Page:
The strange cases of Geert Wilders, John Galliano, Dominique Strauss Kahn and Roman Polanski seem to suggest that to the modern media and political establishment, racism is a more serious crime than rape.
Mr Wilders was today acquitted in the Netherlands after being accused of defaming Musilms with comments in which he said the Koran promotes fascism and should be banned as Mein Kampf is in the Netherlands.
He has also in the past described Islam's founder, Mohammad, as a "barbarian" and a "paedophile", a reference to Mohammad's marriage to a pre-adolescent girl and his decision to execute hundreds of Jewish prisoners in Medina.
Despite this Mr Wilders has always claimed that he does not hate Muslims, but that he detests Islam as a political ideology that he views as incompatible with western conceptions of liberal democracy, freedom and human rights.
As well as being put on trial for his views, Mr Wilders also is provided 24 hour security protection in case Muslim extremists attempt to murder him (as happened to Theo van Gough, a Dutch filmmaker killed for making a film critical of Islam's treatment of women). He is also regularly referred to as being "far right" in the media.
Certainly Mr Wilders is no centrist, but to call him "far right" does seem to be an attempt to paint him as an extremist who should not be listened to, when it would perhaps be more accurate to say that he stands on both sides of the border between the "far right" and what might be called the "respectable right".
In any case he is widely portrayed as a man whose views should not be listened to, as has now happened to fashion designer John Galliano who is on trial for saying far more offensive things than Mr Wilders has ever uttered.
Mr Galliano was recorded on film saying, "I love Hitler... People like you would be dead. Your mothers, your forefathers would all be ******* gassed." He was also very obviously drunk at the time.
This was of course a deeply unpleasant thing to do and does not reflect well on the character of Mr Galliano, who now faces trial, has been dismissed from Dior and has been accorded pariah status.
Compare this to the treatment of Dominique Strauss Kahn and Roman Polanski.
Mr Polanski raped a 13 year old girl in 1977 and subsequently escaped justice by running away to France for a few decades. When he was finally re-arrested 2009 Hollywood stars were falling over themselves to defend poor Mr Polanski, as were members of the French government. That same year Mr Polanski was even presented with a "Lifetime achievement" award at the Cannes film festival.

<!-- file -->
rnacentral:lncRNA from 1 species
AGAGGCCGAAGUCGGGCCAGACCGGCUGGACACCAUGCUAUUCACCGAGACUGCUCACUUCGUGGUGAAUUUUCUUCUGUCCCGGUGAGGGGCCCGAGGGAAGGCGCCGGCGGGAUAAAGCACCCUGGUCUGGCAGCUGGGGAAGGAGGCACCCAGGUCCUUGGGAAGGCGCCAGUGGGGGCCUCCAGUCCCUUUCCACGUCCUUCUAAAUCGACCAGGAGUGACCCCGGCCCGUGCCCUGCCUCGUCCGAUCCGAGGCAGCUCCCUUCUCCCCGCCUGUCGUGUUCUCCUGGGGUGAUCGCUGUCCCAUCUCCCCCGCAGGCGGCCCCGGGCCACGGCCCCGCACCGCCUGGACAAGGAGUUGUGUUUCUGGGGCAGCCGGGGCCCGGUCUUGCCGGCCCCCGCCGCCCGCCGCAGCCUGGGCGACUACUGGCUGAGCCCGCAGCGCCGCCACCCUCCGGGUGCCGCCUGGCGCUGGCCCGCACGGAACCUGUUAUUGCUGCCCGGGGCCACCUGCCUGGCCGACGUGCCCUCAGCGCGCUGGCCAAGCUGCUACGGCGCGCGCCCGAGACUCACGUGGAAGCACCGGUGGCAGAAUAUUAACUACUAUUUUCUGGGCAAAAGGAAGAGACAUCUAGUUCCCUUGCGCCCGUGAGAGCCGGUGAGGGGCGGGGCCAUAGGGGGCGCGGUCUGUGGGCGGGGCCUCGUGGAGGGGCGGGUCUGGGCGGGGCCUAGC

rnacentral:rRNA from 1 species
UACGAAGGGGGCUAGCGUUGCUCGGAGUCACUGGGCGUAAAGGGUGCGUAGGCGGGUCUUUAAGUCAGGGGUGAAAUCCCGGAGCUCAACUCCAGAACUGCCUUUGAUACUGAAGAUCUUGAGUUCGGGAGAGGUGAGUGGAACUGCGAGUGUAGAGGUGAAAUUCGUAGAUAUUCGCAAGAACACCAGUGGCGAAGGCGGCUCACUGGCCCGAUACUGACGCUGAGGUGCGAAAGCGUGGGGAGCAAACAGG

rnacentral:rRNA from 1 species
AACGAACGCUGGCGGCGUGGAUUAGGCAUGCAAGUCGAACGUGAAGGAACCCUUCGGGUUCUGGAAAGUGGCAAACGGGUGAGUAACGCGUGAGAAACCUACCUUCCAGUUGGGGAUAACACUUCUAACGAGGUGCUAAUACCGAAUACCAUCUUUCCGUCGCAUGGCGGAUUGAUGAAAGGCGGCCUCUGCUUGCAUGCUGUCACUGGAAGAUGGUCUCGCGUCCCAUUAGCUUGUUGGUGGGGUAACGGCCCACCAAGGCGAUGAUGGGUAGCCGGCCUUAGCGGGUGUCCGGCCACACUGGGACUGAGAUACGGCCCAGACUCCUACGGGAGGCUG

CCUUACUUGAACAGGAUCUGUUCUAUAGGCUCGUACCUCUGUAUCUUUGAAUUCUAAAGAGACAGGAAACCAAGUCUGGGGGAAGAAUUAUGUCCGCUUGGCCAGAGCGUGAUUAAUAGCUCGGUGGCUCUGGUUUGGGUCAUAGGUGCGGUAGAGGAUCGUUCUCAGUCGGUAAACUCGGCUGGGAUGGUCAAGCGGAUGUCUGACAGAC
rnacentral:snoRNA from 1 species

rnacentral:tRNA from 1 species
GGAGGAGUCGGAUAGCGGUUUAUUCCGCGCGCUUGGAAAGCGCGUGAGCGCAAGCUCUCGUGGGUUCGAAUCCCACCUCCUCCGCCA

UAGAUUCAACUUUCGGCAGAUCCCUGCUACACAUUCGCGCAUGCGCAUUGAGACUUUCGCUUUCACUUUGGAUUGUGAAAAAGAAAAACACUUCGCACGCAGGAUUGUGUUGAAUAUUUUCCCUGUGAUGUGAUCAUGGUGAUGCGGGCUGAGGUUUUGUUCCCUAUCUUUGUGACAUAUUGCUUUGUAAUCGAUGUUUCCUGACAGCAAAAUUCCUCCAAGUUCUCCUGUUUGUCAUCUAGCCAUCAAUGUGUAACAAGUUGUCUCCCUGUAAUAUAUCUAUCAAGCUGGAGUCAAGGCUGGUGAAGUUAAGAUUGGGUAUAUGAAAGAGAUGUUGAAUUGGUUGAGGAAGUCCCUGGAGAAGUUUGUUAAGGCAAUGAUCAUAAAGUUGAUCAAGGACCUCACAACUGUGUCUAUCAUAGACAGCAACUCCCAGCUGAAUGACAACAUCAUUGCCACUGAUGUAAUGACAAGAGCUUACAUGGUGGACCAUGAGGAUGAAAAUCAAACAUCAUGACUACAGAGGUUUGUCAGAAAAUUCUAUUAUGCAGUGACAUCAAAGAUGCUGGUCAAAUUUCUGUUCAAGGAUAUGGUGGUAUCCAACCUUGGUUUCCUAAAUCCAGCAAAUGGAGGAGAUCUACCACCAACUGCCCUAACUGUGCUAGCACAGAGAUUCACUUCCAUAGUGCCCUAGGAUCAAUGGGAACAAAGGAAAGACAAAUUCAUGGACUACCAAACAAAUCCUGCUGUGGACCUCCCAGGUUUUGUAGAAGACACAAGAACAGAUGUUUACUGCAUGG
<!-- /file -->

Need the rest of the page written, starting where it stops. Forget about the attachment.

Mr Dominique Strauss Kahn, who stands accused of successfully forcing a hotel maid to perform oral sex on him and of attempting to rape the maid (apparently there is a difference) also does not seem to have suffered quite as much reputational damage as, for example Mr Galliano.
True he has lost his job as head of the International Monetary Fund, although not because the IMF felt a rapist should not be their head, but because Mr Strauss Kahn came to the conclusion that he could not run the organisation from a prison cell like a kind of French Noel Coward in "The Italian Job".
But like Mr Polanski, scores of (mainly French) important figures spoke up for Mr Strauss Kahn, with apparently large chunks of the French population believing him to be the victim of some kind of conspiracy theory.
This set of events in which known and alleged rapists are defended, while people who make controversial or vile comments about race or religion are demonised has worrying implications.
It would seem to suggest that being rude about someone's race or religion, even if the culprit does not act on it, (for example by gassing or otherwise harming Jews, Muslims or any other minority) is morally worse than actually raping someone.
Such an implication seems bizarre and is perhaps indicative of a society that has become more intolerant of what people say and think, while paradoxically being increasingly tolerant towards the bad they actually do.